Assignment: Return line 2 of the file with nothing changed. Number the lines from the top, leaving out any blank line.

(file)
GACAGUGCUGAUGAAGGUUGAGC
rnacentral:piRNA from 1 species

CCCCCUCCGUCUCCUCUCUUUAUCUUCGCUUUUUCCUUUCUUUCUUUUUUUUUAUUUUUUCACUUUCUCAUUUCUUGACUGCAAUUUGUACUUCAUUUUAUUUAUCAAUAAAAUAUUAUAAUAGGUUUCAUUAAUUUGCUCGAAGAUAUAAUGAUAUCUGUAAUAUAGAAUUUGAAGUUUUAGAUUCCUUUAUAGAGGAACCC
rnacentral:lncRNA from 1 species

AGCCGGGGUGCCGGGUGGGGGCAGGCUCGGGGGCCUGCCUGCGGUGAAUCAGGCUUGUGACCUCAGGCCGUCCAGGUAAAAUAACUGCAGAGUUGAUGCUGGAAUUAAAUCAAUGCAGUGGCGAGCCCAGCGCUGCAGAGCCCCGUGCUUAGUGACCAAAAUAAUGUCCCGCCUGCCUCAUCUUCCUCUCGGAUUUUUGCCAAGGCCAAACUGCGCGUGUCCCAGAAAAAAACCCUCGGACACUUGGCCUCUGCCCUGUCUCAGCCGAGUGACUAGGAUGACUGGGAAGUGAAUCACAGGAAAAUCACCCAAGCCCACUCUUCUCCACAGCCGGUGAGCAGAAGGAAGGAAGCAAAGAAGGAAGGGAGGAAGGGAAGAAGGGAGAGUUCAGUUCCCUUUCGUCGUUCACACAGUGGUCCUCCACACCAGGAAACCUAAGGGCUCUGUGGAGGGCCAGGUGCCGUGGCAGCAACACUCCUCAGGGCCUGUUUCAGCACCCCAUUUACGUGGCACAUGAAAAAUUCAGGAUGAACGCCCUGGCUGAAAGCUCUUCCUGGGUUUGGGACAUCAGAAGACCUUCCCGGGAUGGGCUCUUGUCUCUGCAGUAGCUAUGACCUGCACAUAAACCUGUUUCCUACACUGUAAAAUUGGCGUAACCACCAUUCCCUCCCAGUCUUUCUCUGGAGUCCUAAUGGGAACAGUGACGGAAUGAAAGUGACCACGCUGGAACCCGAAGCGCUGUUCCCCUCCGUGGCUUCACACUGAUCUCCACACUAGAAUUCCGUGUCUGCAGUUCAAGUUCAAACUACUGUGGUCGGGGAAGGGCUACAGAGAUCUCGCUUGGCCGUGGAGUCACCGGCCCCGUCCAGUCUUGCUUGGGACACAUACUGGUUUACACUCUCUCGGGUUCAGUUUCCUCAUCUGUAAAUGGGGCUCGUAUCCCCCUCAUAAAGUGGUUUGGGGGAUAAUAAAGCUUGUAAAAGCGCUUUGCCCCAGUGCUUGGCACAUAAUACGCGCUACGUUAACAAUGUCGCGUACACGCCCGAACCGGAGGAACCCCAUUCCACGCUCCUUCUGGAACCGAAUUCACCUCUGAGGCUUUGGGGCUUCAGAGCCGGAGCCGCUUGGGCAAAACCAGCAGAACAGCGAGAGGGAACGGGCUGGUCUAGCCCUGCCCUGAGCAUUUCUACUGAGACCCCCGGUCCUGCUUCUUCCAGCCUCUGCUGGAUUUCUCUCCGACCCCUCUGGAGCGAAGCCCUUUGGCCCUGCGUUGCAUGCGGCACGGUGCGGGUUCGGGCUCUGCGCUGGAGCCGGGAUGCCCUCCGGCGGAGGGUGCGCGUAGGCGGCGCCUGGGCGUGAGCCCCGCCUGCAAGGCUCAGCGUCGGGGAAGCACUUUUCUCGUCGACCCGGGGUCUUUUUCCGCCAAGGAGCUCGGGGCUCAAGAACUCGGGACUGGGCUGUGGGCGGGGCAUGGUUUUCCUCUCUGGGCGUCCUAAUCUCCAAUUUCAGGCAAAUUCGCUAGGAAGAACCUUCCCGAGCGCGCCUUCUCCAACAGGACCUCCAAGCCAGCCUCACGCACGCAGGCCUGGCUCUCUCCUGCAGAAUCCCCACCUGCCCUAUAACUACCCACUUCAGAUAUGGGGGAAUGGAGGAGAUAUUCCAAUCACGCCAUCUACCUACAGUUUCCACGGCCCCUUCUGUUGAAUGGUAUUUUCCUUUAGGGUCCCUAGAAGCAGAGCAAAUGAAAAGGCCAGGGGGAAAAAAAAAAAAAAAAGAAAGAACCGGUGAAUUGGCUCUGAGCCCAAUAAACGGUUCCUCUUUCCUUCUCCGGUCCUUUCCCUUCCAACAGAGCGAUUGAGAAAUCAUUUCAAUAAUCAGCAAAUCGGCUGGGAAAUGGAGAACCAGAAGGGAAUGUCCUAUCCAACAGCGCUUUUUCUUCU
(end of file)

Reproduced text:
rnacentral:piRNA from 1 species